Second base is possibly one of the most overlooked positions on the diamond. When it comes to the defensive aspect of second, people look at the short throw to first, being on the right side of the field, and given how much time a second baseman has to make a throw, it can sometimes look like a position that only requires a player to knock the ball down and make the play. What isn’t seen is the necessity of backing up errant throws from left and center, or how important a quick turn for a double play is. Second base is a position that can cement a good infield in place.

The position also gets overlooked offensively more often that not. It is a position that doesn’t often have power hitters or hitters who lead the league in “wow” stats such as home runs or slugging percentage. Where the position may lack star players, it makes up for it in players that just play good baseball. DJ LeMahieu for the Rockies is the prototypical second baseman and what he does as a player is often overlooked or under appreciated when he should be praised as a player who does most everything right.

DJ Lemahieu: Last season LeMahieu put up the best offensive numbers of his career and earned him a pass to the all-star game, (even if it was just to replace an injured Dee Gordon, it was very deserving.) DJ hit .301 over the course of the year, and while he wasn’t putting up big power numbers or lighting the world on fire with extra base hits, he was getting on base and putting the ball in play. In 2015, LeMahieu led the Rockies in average and on-base percentage (.358). He also walked the most on the team (although let’s be honest, the Rockies don’t walk much to begin with). With a salary of only $517,000 last year, the Colorado Rockies couldn’t have asked for anything more.

One of the most improved aspects of DJ’s play, was his running game. With 23 stolen bases and only 3 caught stealing, it is a clearly heightened part of his game. Benefiting from his high average and on-base percentage, DJ was able to use his baseball IQ to take advantage of pitchers and record the highest stolen base percentage of his career while racking up 5 more stolen bases than his previous high in 2013, while also getting caught 4 less times.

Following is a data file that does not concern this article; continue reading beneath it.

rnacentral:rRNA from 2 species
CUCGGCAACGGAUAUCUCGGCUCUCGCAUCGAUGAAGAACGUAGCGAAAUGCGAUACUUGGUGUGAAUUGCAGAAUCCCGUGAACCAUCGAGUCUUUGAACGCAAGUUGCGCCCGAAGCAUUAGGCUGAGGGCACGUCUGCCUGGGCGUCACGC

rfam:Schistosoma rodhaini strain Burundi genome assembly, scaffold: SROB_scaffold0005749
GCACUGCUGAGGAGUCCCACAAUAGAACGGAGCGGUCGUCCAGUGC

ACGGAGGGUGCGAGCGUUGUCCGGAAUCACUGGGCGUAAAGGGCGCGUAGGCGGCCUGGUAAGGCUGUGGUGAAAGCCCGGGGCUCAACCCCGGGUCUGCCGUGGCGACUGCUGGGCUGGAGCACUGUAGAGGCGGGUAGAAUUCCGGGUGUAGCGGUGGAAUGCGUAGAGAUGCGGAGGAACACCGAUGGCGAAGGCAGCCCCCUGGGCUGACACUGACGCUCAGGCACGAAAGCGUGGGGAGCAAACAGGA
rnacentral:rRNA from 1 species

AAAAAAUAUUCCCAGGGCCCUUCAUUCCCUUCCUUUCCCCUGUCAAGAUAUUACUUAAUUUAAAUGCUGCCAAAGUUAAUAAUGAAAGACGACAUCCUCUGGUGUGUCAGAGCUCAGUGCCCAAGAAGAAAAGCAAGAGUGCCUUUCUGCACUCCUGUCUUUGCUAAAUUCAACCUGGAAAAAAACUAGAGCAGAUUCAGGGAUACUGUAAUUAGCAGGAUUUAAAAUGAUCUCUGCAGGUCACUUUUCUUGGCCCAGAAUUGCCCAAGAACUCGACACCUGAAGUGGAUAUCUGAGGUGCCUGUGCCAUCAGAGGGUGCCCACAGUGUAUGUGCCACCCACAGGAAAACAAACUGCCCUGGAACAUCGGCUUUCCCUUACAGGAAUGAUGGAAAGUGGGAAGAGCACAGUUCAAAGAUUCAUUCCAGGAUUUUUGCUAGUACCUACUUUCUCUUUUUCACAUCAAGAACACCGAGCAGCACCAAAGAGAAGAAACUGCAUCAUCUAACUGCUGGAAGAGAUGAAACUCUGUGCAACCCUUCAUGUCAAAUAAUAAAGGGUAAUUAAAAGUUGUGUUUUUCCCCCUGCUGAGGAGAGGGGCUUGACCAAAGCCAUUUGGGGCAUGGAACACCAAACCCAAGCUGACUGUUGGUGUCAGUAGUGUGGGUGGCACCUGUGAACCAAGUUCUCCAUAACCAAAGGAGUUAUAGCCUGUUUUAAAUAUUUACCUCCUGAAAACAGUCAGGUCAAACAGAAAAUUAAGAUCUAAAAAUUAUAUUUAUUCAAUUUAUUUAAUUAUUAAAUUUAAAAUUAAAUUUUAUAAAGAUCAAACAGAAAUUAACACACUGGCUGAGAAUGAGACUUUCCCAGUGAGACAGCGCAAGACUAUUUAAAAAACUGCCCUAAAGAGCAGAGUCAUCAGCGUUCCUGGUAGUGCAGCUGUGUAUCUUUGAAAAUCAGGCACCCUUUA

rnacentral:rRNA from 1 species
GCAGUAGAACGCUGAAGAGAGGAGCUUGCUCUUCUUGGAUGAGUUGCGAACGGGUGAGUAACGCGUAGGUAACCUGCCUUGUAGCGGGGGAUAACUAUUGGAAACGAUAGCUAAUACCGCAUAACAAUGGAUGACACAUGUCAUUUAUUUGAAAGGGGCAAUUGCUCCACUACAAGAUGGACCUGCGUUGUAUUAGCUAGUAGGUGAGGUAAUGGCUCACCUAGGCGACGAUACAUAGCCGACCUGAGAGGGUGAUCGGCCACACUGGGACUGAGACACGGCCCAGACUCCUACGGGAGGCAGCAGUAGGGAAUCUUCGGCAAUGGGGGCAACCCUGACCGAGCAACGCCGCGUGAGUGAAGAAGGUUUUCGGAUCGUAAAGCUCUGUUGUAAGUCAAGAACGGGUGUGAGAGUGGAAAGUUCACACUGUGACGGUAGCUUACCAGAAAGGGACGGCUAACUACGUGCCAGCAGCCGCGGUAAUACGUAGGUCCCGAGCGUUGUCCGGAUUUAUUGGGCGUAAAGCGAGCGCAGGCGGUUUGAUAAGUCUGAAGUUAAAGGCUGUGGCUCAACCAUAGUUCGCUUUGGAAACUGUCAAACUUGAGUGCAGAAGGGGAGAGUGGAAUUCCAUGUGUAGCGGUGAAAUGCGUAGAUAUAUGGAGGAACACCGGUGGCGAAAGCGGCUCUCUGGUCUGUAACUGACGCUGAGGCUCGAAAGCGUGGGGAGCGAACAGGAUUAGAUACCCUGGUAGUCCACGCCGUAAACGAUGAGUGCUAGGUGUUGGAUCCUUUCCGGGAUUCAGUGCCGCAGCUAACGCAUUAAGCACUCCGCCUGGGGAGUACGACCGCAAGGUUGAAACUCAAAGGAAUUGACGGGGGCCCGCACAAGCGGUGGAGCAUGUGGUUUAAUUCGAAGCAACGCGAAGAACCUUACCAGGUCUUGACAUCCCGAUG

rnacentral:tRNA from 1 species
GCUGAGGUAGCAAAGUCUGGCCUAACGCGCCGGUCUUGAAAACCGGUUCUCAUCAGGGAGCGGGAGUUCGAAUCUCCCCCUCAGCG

DJ may have dropped off a little defensively after his gold glove 2014, but it was not enough to warrant concern, especially when he swung the bat the way he did. Posting the higher bWAR of his career at 2.3, LeMahieu was really worth about $12,000,000-$16,000,000 depending on the cost per win that you use. DJ also led the league in assists, and while the Rockies pitchers don’t strike out that many, allowing for more balls to be put in play by the opposition, he still needed to make the plays. DJ is much like Arenado on defense in the respect that he gets to a lot of balls that other second baseman wouldn’t get to. With his surprisingly large height, at 6’4″, DJ has range and length to make diving and sliding plays while still maintaining the ability to get up and throw the runner out.

DJ is nothing but reliable at second base and at the plate and I expect this to continue in 2016. DJ is versatile in the lineup and because he gets on base, coach Walt Weiss can put him anywhere. Expect DJ to move around the lineup, from the 2 hole down to the 8 hole and anywhere in between (except number 3 or cleanup) and he will have success. A slight drop in average is to be anticipated due to his hot start of 2015, but I believe he will still bat around .290 with an OBP of .350-.360. He will play a solid and reliable second base and he will play most everyday (he played 150 games last year, with all but one coming at second.) Overall, expect more of the same from LeMahieu.

While he may fly under the radar of the national media (as does the whole Rockies team) and even the radar of some more casual fans, DJ is an anchor for a team that hasn’t had a reliable second baseman in ages. In fact, the last Rockies player to start two consecutive opening days at second before DJ, was Mike Lansing all the way back in 2000. He might not set the stat book on fire, but reliable is exactly what he is and exactly what the Rockies need him to be.

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